You shouldn't interrupt. Yes, from an early age, you're reminded that cutting people off when they're speaking is rude. But, let's face it -- there are times when you need to stop someone mid-sentence. Maybe he keeps citing an incorrect fact or statistic that you think needs to be remedied immediately. Or, perhaps you have a question about something that was just said. Situations like these can be tricky to navigate. You want to chime in while the moment is right.
I have an embarrassing confession: The vast majority of the time, I sign off my emails with “thanks!” It doesn’t matter if I have anything to show appreciation for or not—it tends to be my default signature. When I’m not busy expressing my gratitude for absolutely nothin’? I go with a standard “best” at the end of my messages. Isn’t my creativity just astounding? It’s not that I don’t want to cap off my email with something great. It’s just that I often find myself drawing a blank.
In the early stages of your career, you’re understandably eager to find an employer that will let you start off with a bang. You want to find a company that won’t have you doing the grunt work—but will empower you to own projects, try new things, and really grab your future by the horns. Think those sorts of companies only exist in your dreams? Think again. The 20 companies are awesome workplaces for everybody.
Muck Rack makes it simple to find people, tweets, or articles that mention any name, keyword, company, hashtag etc. We've compiled this guide to help you make the most of your search.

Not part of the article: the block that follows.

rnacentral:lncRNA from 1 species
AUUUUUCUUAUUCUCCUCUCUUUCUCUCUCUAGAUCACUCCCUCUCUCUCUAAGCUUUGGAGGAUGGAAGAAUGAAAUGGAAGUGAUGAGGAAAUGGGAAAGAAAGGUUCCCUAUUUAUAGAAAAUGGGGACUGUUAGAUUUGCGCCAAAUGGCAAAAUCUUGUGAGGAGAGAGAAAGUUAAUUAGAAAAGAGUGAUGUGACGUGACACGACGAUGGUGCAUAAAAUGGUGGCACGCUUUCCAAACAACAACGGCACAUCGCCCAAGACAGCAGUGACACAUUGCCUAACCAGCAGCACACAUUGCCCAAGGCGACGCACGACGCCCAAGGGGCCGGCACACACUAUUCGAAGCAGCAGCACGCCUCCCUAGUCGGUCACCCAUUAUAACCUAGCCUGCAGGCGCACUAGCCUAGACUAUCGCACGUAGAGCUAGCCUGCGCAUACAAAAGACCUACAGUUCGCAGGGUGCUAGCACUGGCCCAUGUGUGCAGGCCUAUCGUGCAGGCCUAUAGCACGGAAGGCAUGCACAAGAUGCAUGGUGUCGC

Selecting a term
Start searching tweets, articles from media outlets, articles mentioned in tweets, journalists'
names, titles and bios with some suggested searches:
Companies or Topics (e.g. iPhone, Microsoft)
Phrases (e.g. "cloud computing") — use quotes to keep the terms together
Twitter handles (e.g. @username) — returns those who have mentioned or replied to
Names (e.g. "David Pogue")
Hashtags (e.g. #sxsw, #london2012)
Bio details (e.g. vegan, Olympics, father)
Muck Rack's Advanced Search allows for many boolean operators.
Find results that mention multiple specified terms, use AND or
+. For example, ensure each result contains both Elon Musk and Mark Zuckerberg by
searching Obama AND Romney or Obama + Romney.
Use the operators OR or , to broaden your search when you'd like either of
multiple terms to appear in results. (This is the default behavior of our search when no operators
are used.) For example, search for democrat OR republican to find results that refer to
Democrats and/or Republicans.
Use NOT or - to subtract results from your search. For
example, searching Disney will yield results about the Walt Disney Company as well as Walt Disney
World Resort. To exclude mentions of Disney World, search for Disney -World or Disney
When using one of these operators with a phrase, enclose it in quotation marks. For example, you can
find results about smartphones excluding Apple's iPhone 4S by searching smartphone -"iPhone
Exact case matching or punctuation
If you're searching for a brand name or keyword that relies on specific punctuation marks or capitalization, you can
find results that match your exact query by adding matchcase: before the keyword you're searching for, like matchcase:E*TRADE .
Use parentheses to separate multiple
boolean phrases. For example, to find journalists talking about having fun in Disney World or
Disneyland, search for ("disney world" OR disneyland) AND fun.
An asterisk can be used to search for any variation of a root word truncated by the asterisk. For example, searching for admin* will return results for administrator, administration, administer, administered, etc.
A near operator is an AND operator where you can control the distance between the words. You can vary the distance the near operation uses by adding a forward slash and number (between 0-99) such as strawberries NEAR/10 "whipped cream", which means the strawberries must exist within 10 words of "whipped cream".